Implications and future research

The knowledge gained by this study could provide valuable information for what aspects to consider when establishing future clinical projects and how to further improve the management of war wounds and the use of antibiotics in an unstable setting, such as a hospital in close proximity to armed conflict. The findings, for example difficulties in adherence to hygiene protocols and the problem of maintaining continuity associated with the frequent change of foreign physicians, could provide insights for the development of new protocols or guidelines for similar settings.

The findings and ideas generated by this study could generate hypotheses for further exploration in future qualitative or quantitative studies. A qualitative study using grounded theory with participants from the medical teams could be used to further explore the factors affecting adherence to protocols, and function as a first step towards resolving the discrepancy between guideline recommendations and actual practice.


This study shows that adherence to established protocols around the management of war wounded civilians is difficult. In the population studied, there seems to be consensus and adherence to protocols pertaining to certain areas. These areas could be considered commonly agreed principles of war wound surgery, such as the use of wound debridement and the evaluation of the systemic condition of the patient prior to initiating antibiotic treatment. However, we have identified some challenges making it difficult or even impossible for the participants to follow the protocols. These challenges mainly consist of limitations imposed on the physicians, such as lack of space and materials, and the unfavourable behaviour of patients and caregivers. The participants also make conscious decisions to deviate from protocols, either to ensure that a good doctor-patient relationship is maintained or if they believe there are particular medical reasons why the protocols cannot be adhered to. Some of the identified protocol deviations could potentially lead to the development of healthcare-associated infections and antibiotic resistance. The knowledge gained by this study could provide insights when establishing future clinical projects and constructing protocols for wound management and antibiotic use in a similar setting.



Expatriate, often a foreign member of the medical team


International Committee of the Red Cross


Médecins Sans Frontières/Doctors Without Borders


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All physicians that participated in the study. The MSF Sweden Innovation Unit and the MSF teams in Amman and in Ar Ramtha for facilitating this research. Helle Mölsted Alvesson for her continuous assistance during the coding and analysis process.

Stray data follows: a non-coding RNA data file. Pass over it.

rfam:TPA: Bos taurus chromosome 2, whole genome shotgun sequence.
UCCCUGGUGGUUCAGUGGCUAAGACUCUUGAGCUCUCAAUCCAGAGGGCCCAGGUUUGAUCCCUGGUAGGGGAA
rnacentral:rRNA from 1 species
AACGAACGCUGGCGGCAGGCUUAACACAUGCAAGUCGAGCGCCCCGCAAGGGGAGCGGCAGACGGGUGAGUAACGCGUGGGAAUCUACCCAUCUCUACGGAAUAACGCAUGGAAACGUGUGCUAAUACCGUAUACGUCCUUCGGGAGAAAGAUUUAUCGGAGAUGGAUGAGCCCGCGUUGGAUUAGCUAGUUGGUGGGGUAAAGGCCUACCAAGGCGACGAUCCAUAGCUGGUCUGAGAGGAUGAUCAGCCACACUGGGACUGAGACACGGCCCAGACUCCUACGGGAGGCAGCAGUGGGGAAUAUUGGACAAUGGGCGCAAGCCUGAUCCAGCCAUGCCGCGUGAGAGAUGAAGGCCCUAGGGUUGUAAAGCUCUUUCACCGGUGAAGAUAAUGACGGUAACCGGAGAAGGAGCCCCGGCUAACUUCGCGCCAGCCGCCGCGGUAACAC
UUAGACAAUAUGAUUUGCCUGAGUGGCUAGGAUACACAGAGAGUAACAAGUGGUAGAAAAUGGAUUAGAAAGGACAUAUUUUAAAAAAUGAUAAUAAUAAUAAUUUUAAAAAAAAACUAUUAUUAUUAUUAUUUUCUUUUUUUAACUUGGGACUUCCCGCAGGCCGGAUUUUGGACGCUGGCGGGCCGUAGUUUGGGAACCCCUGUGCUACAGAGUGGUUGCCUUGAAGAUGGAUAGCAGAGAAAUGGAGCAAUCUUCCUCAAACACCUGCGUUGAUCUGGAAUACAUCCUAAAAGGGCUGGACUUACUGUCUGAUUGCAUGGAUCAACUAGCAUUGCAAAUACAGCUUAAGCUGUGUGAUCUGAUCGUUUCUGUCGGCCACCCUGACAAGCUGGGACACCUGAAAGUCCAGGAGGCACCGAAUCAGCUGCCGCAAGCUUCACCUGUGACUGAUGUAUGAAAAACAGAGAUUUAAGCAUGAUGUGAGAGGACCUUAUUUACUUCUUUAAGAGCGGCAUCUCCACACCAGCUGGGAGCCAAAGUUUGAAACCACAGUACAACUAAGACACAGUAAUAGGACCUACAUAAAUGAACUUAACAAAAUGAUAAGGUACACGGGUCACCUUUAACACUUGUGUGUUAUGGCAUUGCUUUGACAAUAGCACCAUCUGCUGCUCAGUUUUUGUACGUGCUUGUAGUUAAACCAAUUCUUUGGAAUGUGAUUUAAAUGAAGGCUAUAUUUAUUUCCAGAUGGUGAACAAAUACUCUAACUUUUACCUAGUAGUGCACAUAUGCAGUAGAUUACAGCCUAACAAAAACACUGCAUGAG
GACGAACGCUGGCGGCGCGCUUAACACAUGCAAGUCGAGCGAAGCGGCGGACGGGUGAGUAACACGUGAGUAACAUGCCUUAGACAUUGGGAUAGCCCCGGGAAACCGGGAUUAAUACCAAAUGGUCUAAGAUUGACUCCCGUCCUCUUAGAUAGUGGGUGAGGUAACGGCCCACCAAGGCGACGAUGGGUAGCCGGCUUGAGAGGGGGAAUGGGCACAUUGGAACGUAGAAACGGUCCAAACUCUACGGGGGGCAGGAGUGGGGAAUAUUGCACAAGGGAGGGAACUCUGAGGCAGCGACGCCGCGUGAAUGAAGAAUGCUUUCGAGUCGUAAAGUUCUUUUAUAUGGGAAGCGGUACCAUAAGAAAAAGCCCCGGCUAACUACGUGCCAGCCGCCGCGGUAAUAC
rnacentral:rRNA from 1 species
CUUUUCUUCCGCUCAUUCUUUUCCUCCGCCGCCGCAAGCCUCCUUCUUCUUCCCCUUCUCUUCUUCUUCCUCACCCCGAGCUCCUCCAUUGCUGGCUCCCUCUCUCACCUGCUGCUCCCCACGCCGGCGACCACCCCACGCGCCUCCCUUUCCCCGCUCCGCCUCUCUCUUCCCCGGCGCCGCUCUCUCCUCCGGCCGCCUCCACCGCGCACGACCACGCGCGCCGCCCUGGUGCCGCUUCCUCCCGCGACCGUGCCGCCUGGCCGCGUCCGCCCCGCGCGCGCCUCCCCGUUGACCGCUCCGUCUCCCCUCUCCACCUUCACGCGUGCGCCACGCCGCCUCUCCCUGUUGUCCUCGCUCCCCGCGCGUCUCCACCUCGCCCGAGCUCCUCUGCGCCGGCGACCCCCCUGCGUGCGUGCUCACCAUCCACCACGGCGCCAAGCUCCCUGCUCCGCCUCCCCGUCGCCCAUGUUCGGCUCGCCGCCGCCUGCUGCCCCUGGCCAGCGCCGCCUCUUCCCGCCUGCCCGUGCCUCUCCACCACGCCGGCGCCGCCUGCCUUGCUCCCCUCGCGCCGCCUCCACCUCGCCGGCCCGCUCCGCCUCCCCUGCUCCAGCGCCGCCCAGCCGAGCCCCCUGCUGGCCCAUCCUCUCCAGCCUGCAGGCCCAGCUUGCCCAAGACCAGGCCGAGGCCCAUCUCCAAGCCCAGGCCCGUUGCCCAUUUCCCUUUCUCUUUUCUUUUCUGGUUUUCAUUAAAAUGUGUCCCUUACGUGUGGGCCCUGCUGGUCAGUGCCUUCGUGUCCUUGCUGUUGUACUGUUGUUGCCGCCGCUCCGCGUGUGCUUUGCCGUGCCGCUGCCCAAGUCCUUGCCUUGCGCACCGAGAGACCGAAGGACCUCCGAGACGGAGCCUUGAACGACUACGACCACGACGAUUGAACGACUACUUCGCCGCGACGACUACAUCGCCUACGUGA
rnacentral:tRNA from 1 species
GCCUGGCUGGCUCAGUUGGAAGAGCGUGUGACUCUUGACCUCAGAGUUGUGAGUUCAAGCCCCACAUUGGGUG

This work was supported by grants provided by the Stockholm County Council (ALF project).

Availability of data and materials

The datasets used and/or analysed during the current study are available from the corresponding author upon reasonable request.

Author information

Authors and Affiliations



AÄ, CSL, HK and SW designed the study. AÄ collected the data with active participation by MA. AÄ and KKH analysed the data and wrote the first draft. HK and CSL read through all the data and supervised the analysis and writing. SW and MA were major contributors in writing the manuscript. All authors read and approved the final manuscript.

Corresponding author

Correspondence to Andreas Älgå.

Ethics declarations

Ethics approval and consent to participate

Prior to initiation, the study was approved by the Ethics Review Committee of the Jordan Ministry of Health (MOH REC 150037), as well as by the MSF ethics review board (ID 1520). Written informed consent was obtained from all participants and information about the study was given at the start of each interview. The participants were informed that they could withdraw from the study at any time.

Consent for publication

Not applicable.

Competing interests

The authors declare that they have no competing interests.

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Appendix 1

Appendix 1

Introductory questions and probing areas

  1. 1.

    How did you manage your last patient with a war-associated soft tissue wound? Was this management similar or different compared to a typical case?

    Probe: Debridement, dressing type, dressing change frequency

  1. 2.

    What indication for antibiotic prescription was there for your last patient with a war-associated soft tissue wound? Was this management similar or different compared to a typical case?

    Probe: Common pathogens, differentiating between contaminating and infecting organisms, signs of infection, cultures, use of antibiotic prescription guidelines

  1. 3.

    How would you treat infection in war-associated soft tissue wounds?

    Probe: Antibiotic types, the use of broad-spectrum antibiotics

  1. 4.

    What is your view on antibiotic resistance?

    Probe: Possible causes, impact of antibiotic use, the use of broad-spectrum antibiotics

  1. 5.

    Have you ever prescribed antibiotics when there is no real indication, just in case?

    Probe: Influence by the patient or relatives

  1. 6.

    How do people obtain antibiotics?

    Probe: Without a prescription, Jordan, Syria, types of antibiotics, broad-spectrum antibiotics

  1. 7.

    What is your view on antibiotic resistance at Ar Ramtha hospital?

    Probe: Interviewees will be presented with antibiotic resistance data from Ar Ramtha hospital, possible causes, impact of antibiotic use, the use of broad-spectrum antibiotics

  1. 8.

    What is your view on hand hygiene?

    Probe: Gloves, disinfectants, in-between patients, dressings

  1. 9.

    What is your view on healthcare-associated infections?

    Probe: Possible causes, role of hand hygiene

  1. 10.

    How do you view the cooperation with the laboratory, regarding wound cultures?

    Probe: Sending cultures, patient information on referrals, receiving culture results, laboratory involved in treatment decisions, desired cooperation with the lab

  1. 11.

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Älgå, A., Karlow Herzog, K., Alrawashdeh, M. et al. “Reality rarely looks like the guidelines”: a qualitative study of the challenges hospital-based physicians encounter in war wound management. Scand J Trauma Resusc Emerg Med 26, 52 (2018).